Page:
Einstein went on to prove in his theory that all matter is energy (developing the now famous equation of E = mc2); hence, nothing in the universe is still but rather is vibrating or oscillating at some level. These vibrations generate sound waves (waveforms). Consequently, a wave (electromagnetic radiation in this case) is seen as a disturbance that propagates (travels) through the vacuum of space and time, commonly by the transference of energy (Sklar 1977:195). As a result, the hypothesis presented ostensibly maintains that all naturally occurring structures and shapes – from the subatomic electron to the individual atomic elements, and from microscopic forms to planets, stars and galaxies, were formed and sustained by sound (vibrating energy or electromagnetic radiation) conveyed by light. Today, this is known as the ‘super string theory’.

According to Porter (2008):

In super string theory, the subatomic particles we see in nature are nothing more than different resonances of the vibrating superstrings, in the same way that different musical notes emanate from the different modes of vibration of a violin string. The forces between charged particles are the harmonies of the strings; the Universe is a symphony of vibrating strings. And when strings move in 10-dimensional space-time, they warp the space-time surrounding them in precisely the way predicted by general relativity. So strings simply and elegantly unify the quantum theory of particles and general relativity. (Porter 2008:40)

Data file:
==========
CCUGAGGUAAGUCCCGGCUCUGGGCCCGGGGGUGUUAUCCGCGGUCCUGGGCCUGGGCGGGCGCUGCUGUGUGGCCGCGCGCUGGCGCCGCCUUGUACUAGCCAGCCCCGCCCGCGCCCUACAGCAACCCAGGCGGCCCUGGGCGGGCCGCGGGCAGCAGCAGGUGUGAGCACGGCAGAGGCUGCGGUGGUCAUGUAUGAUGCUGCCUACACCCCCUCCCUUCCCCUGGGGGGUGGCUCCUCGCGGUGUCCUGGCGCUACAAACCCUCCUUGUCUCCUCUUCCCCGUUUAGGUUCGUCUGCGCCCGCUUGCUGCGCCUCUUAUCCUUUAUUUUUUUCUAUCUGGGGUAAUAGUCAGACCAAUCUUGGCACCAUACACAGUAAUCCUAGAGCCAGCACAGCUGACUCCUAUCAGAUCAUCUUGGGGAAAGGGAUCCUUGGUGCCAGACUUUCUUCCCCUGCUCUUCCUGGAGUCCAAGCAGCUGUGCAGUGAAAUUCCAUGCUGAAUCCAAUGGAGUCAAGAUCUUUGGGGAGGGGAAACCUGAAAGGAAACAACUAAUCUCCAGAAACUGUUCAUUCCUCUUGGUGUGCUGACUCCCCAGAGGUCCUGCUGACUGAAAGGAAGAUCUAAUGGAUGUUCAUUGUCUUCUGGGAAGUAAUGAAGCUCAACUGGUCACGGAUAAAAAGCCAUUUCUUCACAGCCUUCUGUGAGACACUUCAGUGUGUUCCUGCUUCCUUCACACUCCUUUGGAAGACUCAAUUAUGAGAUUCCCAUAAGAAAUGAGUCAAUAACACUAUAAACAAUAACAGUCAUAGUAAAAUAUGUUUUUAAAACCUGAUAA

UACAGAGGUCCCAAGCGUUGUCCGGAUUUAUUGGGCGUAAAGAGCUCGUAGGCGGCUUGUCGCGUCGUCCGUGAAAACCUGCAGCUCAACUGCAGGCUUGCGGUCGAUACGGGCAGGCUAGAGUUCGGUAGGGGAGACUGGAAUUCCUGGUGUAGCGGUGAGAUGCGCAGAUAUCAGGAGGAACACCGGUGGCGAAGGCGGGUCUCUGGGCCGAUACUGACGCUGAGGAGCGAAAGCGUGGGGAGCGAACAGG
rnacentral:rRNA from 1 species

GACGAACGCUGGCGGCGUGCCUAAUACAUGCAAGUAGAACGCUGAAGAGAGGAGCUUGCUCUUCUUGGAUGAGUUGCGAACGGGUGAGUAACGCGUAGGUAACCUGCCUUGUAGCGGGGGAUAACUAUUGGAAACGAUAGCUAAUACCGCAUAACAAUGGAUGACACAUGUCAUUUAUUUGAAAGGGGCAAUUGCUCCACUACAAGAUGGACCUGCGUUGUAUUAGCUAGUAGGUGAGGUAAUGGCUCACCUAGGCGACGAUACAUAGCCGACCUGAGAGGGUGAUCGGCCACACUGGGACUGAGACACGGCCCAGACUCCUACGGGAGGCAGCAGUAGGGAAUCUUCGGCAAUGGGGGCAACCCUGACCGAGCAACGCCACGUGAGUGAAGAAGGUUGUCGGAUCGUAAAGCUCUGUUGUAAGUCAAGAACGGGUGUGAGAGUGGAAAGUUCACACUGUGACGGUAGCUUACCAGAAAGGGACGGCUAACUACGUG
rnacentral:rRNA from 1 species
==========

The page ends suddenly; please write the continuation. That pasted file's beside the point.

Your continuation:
Vis--vis, Donlan (2008:198) advances the notion that Von Neumann’s concept of a conscious universe originating within subatomic vibrations is correct. For both Donlan and Porter, the universe is, in the purest sense, ‘a vibratory thought process’, lining up with Einstein’s theory of unified field equations. With this in mind, one can also envisage the effect that sound (vibrating tones) has in affording us a particular view of the universe, which helps to unravel some of its mysteries. This universal principle employed today is known as ‘redshift’.

Redshift and the Doppler Effect

For many decades now, scientists have been using a combination of sound and light as a method of measuring the distance of celestial bodies and the velocity at which the universe is expanding, an effect called a ‘redshift’. According to Davies (1977:41), the system of redshift is generally referred to as the Doppler Effect, named after the 19th-century Austrian mathematician and physicist, Christian Doppler, who revealed how it works. However, in 1926, it was Edwin Hubble who substantiated that the light rays he observed were red (redshift) and therefore lengthy and, accordingly, moving away from the earth. Hubble determined that this theoretical redshift increased in proportion to the distance from our galaxy’s viewpoint, and from the viewpoint of other galaxies he observed, and thus concluded that the universe is expanding. Davies (1977:150) affirms that Hubble based his theories on Doppler’s observation of the colour of waves.